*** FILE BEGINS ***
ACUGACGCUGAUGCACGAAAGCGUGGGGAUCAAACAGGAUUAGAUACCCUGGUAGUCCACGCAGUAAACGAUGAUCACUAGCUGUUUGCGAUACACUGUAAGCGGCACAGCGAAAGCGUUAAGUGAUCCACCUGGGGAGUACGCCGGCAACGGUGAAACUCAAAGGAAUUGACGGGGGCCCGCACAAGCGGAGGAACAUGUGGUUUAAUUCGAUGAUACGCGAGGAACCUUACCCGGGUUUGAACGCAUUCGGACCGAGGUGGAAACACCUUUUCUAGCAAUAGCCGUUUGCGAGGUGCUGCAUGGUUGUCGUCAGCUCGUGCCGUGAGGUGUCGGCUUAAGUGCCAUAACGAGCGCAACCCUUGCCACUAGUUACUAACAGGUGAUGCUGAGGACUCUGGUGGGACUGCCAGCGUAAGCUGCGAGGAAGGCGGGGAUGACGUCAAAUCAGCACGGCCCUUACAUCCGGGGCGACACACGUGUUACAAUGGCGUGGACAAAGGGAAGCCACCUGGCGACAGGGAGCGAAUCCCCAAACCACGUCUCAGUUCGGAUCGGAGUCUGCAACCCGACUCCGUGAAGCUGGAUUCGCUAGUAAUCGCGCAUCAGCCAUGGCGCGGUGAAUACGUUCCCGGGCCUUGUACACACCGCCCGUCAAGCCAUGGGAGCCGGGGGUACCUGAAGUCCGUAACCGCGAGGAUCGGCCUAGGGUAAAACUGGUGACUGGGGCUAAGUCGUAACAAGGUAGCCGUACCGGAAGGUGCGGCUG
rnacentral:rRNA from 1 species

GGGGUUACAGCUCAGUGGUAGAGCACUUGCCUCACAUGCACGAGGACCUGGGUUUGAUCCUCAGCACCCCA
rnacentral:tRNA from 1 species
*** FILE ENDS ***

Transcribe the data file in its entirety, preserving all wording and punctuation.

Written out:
ACUGACGCUGAUGCACGAAAGCGUGGGGAUCAAACAGGAUUAGAUACCCUGGUAGUCCACGCAGUAAACGAUGAUCACUAGCUGUUUGCGAUACACUGUAAGCGGCACAGCGAAAGCGUUAAGUGAUCCACCUGGGGAGUACGCCGGCAACGGUGAAACUCAAAGGAAUUGACGGGGGCCCGCACAAGCGGAGGAACAUGUGGUUUAAUUCGAUGAUACGCGAGGAACCUUACCCGGGUUUGAACGCAUUCGGACCGAGGUGGAAACACCUUUUCUAGCAAUAGCCGUUUGCGAGGUGCUGCAUGGUUGUCGUCAGCUCGUGCCGUGAGGUGUCGGCUUAAGUGCCAUAACGAGCGCAACCCUUGCCACUAGUUACUAACAGGUGAUGCUGAGGACUCUGGUGGGACUGCCAGCGUAAGCUGCGAGGAAGGCGGGGAUGACGUCAAAUCAGCACGGCCCUUACAUCCGGGGCGACACACGUGUUACAAUGGCGUGGACAAAGGGAAGCCACCUGGCGACAGGGAGCGAAUCCCCAAACCACGUCUCAGUUCGGAUCGGAGUCUGCAACCCGACUCCGUGAAGCUGGAUUCGCUAGUAAUCGCGCAUCAGCCAUGGCGCGGUGAAUACGUUCCCGGGCCUUGUACACACCGCCCGUCAAGCCAUGGGAGCCGGGGGUACCUGAAGUCCGUAACCGCGAGGAUCGGCCUAGGGUAAAACUGGUGACUGGGGCUAAGUCGUAACAAGGUAGCCGUACCGGAAGGUGCGGCUG
rnacentral:rRNA from 1 species

GGGGUUACAGCUCAGUGGUAGAGCACUUGCCUCACAUGCACGAGGACCUGGGUUUGAUCCUCAGCACCCCA
rnacentral:tRNA from 1 species